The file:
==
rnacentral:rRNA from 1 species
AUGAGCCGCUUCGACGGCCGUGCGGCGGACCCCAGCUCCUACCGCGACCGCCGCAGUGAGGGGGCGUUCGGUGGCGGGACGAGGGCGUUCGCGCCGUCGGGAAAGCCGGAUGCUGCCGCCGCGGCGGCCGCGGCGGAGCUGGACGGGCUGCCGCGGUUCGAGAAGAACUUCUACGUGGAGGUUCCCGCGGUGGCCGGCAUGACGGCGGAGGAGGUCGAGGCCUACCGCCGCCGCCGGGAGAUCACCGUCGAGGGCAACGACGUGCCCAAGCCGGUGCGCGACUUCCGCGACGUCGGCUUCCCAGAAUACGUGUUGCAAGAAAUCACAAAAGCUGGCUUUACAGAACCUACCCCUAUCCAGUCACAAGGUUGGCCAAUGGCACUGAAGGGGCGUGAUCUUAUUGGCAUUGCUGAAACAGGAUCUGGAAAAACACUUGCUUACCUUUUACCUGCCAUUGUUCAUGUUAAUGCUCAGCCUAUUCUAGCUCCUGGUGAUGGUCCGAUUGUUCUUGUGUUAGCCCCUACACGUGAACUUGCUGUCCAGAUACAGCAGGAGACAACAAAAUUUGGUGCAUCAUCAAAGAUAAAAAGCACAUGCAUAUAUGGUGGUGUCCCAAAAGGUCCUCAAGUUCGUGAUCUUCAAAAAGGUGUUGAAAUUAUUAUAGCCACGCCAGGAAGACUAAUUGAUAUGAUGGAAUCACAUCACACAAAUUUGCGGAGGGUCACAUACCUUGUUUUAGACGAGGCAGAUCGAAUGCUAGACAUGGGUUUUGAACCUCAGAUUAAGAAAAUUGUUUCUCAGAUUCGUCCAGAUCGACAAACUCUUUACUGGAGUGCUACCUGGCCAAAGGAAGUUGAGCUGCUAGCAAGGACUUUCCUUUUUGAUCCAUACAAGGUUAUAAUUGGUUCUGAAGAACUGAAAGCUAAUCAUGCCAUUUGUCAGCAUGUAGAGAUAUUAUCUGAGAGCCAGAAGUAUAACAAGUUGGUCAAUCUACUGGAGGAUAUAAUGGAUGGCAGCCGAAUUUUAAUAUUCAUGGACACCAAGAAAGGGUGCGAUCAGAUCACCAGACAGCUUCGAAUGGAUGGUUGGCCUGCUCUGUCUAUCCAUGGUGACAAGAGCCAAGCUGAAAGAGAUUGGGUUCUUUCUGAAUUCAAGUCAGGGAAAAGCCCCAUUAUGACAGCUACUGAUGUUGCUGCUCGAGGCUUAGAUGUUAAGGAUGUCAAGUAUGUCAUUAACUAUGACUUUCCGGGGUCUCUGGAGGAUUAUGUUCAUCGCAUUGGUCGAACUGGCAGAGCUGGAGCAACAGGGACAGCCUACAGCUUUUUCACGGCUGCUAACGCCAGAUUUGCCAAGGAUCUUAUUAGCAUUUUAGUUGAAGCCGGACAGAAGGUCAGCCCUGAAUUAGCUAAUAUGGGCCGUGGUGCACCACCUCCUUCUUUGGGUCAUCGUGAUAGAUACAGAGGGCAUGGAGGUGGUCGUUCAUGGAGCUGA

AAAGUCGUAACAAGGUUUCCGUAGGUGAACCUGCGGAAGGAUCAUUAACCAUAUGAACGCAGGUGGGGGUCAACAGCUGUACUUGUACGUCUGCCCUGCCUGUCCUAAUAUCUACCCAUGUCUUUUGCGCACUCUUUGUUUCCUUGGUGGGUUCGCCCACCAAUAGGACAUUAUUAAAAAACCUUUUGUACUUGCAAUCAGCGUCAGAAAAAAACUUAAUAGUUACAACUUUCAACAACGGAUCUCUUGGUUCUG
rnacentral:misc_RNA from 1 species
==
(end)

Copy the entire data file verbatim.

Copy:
rnacentral:rRNA from 1 species
AUGAGCCGCUUCGACGGCCGUGCGGCGGACCCCAGCUCCUACCGCGACCGCCGCAGUGAGGGGGCGUUCGGUGGCGGGACGAGGGCGUUCGCGCCGUCGGGAAAGCCGGAUGCUGCCGCCGCGGCGGCCGCGGCGGAGCUGGACGGGCUGCCGCGGUUCGAGAAGAACUUCUACGUGGAGGUUCCCGCGGUGGCCGGCAUGACGGCGGAGGAGGUCGAGGCCUACCGCCGCCGCCGGGAGAUCACCGUCGAGGGCAACGACGUGCCCAAGCCGGUGCGCGACUUCCGCGACGUCGGCUUCCCAGAAUACGUGUUGCAAGAAAUCACAAAAGCUGGCUUUACAGAACCUACCCCUAUCCAGUCACAAGGUUGGCCAAUGGCACUGAAGGGGCGUGAUCUUAUUGGCAUUGCUGAAACAGGAUCUGGAAAAACACUUGCUUACCUUUUACCUGCCAUUGUUCAUGUUAAUGCUCAGCCUAUUCUAGCUCCUGGUGAUGGUCCGAUUGUUCUUGUGUUAGCCCCUACACGUGAACUUGCUGUCCAGAUACAGCAGGAGACAACAAAAUUUGGUGCAUCAUCAAAGAUAAAAAGCACAUGCAUAUAUGGUGGUGUCCCAAAAGGUCCUCAAGUUCGUGAUCUUCAAAAAGGUGUUGAAAUUAUUAUAGCCACGCCAGGAAGACUAAUUGAUAUGAUGGAAUCACAUCACACAAAUUUGCGGAGGGUCACAUACCUUGUUUUAGACGAGGCAGAUCGAAUGCUAGACAUGGGUUUUGAACCUCAGAUUAAGAAAAUUGUUUCUCAGAUUCGUCCAGAUCGACAAACUCUUUACUGGAGUGCUACCUGGCCAAAGGAAGUUGAGCUGCUAGCAAGGACUUUCCUUUUUGAUCCAUACAAGGUUAUAAUUGGUUCUGAAGAACUGAAAGCUAAUCAUGCCAUUUGUCAGCAUGUAGAGAUAUUAUCUGAGAGCCAGAAGUAUAACAAGUUGGUCAAUCUACUGGAGGAUAUAAUGGAUGGCAGCCGAAUUUUAAUAUUCAUGGACACCAAGAAAGGGUGCGAUCAGAUCACCAGACAGCUUCGAAUGGAUGGUUGGCCUGCUCUGUCUAUCCAUGGUGACAAGAGCCAAGCUGAAAGAGAUUGGGUUCUUUCUGAAUUCAAGUCAGGGAAAAGCCCCAUUAUGACAGCUACUGAUGUUGCUGCUCGAGGCUUAGAUGUUAAGGAUGUCAAGUAUGUCAUUAACUAUGACUUUCCGGGGUCUCUGGAGGAUUAUGUUCAUCGCAUUGGUCGAACUGGCAGAGCUGGAGCAACAGGGACAGCCUACAGCUUUUUCACGGCUGCUAACGCCAGAUUUGCCAAGGAUCUUAUUAGCAUUUUAGUUGAAGCCGGACAGAAGGUCAGCCCUGAAUUAGCUAAUAUGGGCCGUGGUGCACCACCUCCUUCUUUGGGUCAUCGUGAUAGAUACAGAGGGCAUGGAGGUGGUCGUUCAUGGAGCUGA

AAAGUCGUAACAAGGUUUCCGUAGGUGAACCUGCGGAAGGAUCAUUAACCAUAUGAACGCAGGUGGGGGUCAACAGCUGUACUUGUACGUCUGCCCUGCCUGUCCUAAUAUCUACCCAUGUCUUUUGCGCACUCUUUGUUUCCUUGGUGGGUUCGCCCACCAAUAGGACAUUAUUAAAAAACCUUUUGUACUUGCAAUCAGCGUCAGAAAAAAACUUAAUAGUUACAACUUUCAACAACGGAUCUCUUGGUUCUG
rnacentral:misc_RNA from 1 species